Kayapo people facts for kids
Leader of the Kayapó nation, Akiaboro Kayapó
|Regions with significant populations|
|Brazil (Mato Grosso, Pará)|
The Kayapo people are indigenous peoples in Brazil who inhabit a vast area spreading across the states of Pará and Mato Grosso, south of the Amazon Basin and along Rio Xingu and its tributaries. They are one of the various subgroups of the great Mebêngôkre nation (people from the water’s source). The term "Kayapo" is used by neighbouring groups rather than the Kayapo themselves. They refer to outsiders as "Poanjos".
The Kayapo tribe lives alongside the Xingu River in the eastern part of the Amazon rain forest, near the Amazon basin, in several scattered villages ranging in population from one hundred to one thousand people in Brazil. Their land consists of tropical rain forest savannah (grassland) and is the largest tropical protected area in the entire world, covering 11,346,326 hectares containing many endangered species. They have small hills scattered around their land and the area is criss-crossed by river valleys. The larger rivers feed into numerous pools and creeks, most of which don’t have official names.
In 2010, there was an estimated 8,638 Kayapo people, which is an increase from 7,096 in 2003. Subgroups of the Kayapo include the Xikrin, Gorotire, Mekranoti and Metyktire. Their villages typically consist of a dozen huts. A centrally located hut serves as a meeting place for village men to discuss community issues.
The Kayapo use intricate black body paint covering their entire bodies. They believe that their ancestors learned their social skills from insects, so they paint their bodies to mimic them and to better communicate with the Spirit that exists everywhere. The black body paint also allows them to blend into their surroundings when hunting in the forests. To help find their way through the forest, the Kayapo paint their legs with red pigment that rubs off on the surrounding terrain. The colors that a Kayapo wears is representative of their tribe's colors.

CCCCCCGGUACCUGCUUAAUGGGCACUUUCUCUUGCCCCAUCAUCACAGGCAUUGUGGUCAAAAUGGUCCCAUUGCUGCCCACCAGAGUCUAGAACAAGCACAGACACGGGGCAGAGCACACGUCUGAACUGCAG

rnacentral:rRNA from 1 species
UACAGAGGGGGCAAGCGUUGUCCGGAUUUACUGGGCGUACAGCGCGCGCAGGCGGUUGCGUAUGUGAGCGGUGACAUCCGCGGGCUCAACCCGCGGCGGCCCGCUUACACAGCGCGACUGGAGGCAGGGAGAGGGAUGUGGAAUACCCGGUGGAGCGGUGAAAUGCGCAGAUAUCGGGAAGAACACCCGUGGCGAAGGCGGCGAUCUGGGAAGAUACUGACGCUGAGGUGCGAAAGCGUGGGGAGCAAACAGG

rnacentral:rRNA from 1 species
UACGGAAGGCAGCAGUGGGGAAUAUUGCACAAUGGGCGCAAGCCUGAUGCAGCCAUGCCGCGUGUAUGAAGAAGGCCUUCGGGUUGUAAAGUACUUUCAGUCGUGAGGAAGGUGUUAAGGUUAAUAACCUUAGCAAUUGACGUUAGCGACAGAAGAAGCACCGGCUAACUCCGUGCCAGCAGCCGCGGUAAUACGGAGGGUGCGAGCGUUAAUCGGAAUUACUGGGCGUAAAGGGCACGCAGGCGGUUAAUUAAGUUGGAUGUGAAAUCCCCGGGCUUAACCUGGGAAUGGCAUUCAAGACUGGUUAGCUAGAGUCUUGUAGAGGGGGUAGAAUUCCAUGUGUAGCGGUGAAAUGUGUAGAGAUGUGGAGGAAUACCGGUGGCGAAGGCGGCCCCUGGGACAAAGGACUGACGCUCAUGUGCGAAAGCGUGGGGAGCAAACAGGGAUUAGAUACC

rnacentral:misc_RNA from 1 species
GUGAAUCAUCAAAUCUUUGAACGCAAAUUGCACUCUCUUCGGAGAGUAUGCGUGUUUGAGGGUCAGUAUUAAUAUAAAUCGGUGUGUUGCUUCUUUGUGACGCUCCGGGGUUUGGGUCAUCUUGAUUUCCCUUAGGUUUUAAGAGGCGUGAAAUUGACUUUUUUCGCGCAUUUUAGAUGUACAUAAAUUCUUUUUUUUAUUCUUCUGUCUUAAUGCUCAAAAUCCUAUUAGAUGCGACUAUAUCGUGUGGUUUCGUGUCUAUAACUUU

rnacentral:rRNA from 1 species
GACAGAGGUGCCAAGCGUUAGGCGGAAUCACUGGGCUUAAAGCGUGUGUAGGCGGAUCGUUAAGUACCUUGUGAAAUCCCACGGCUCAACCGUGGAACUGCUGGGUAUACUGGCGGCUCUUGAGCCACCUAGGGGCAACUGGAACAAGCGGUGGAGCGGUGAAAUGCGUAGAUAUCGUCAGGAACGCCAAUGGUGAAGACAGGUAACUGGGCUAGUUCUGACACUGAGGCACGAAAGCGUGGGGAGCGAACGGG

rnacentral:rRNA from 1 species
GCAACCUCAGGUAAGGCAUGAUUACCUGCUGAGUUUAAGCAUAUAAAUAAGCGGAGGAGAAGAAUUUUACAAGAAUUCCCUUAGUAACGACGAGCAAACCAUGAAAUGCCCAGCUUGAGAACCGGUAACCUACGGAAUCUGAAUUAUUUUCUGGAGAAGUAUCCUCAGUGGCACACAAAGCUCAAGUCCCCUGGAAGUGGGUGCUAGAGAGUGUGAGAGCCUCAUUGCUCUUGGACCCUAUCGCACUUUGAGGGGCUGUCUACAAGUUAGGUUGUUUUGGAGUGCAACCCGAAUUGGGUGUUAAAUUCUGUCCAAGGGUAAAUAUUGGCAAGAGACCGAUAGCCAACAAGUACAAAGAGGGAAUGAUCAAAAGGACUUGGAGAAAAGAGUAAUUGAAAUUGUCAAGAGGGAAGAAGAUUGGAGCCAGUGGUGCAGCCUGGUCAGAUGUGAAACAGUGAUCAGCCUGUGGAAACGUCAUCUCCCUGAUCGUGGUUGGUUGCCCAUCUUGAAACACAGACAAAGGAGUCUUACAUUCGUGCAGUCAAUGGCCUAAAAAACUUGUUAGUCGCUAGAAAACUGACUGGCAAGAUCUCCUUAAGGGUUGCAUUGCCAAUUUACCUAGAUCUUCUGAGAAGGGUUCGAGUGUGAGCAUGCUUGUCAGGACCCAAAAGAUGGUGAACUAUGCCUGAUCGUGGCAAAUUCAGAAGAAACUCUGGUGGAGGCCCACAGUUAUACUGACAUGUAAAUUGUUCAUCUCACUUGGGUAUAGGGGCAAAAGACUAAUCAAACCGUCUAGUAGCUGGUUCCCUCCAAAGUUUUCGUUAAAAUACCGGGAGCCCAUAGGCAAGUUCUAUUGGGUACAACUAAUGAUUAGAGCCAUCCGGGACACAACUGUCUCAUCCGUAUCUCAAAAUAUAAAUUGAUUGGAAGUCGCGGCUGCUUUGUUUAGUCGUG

Older generations of Kayapo men wear disks in their lower lips, but the practice is less common among younger Kayapo men. The men adorn themselves with radiating feathers, representing the universe, in their hair. Kayapo men also can be seen with rope in their hair, to represent the rope which the first Kayapo used to arrive from the sky. Traditionally, Kayapo men cover their lower bodies with sheaths.
Due to increased contact with outside cultures, contemporary Kayapo often wear Western-style clothing such as shorts. Kayapo chiefs wear a headdress made out of bright yellow feathers to represent the rays of the sun. The feathers used in their headdresses are from birds native to their area such as hyacinth macaw and crested oropendola. The birds found in the Amazon are naturally bright-colored; the Kayapo do not dye the feathers.
Kayapo children wear cloth or beaded bands with colors representing their tribes. Typically these bands are tied below the waist or crisscrossed around the torso. When the child become of age, they go through a naming ceremony in which they wear large yellow headdresses. Kayapo women can be distinguished by the V shape shaved into their hair.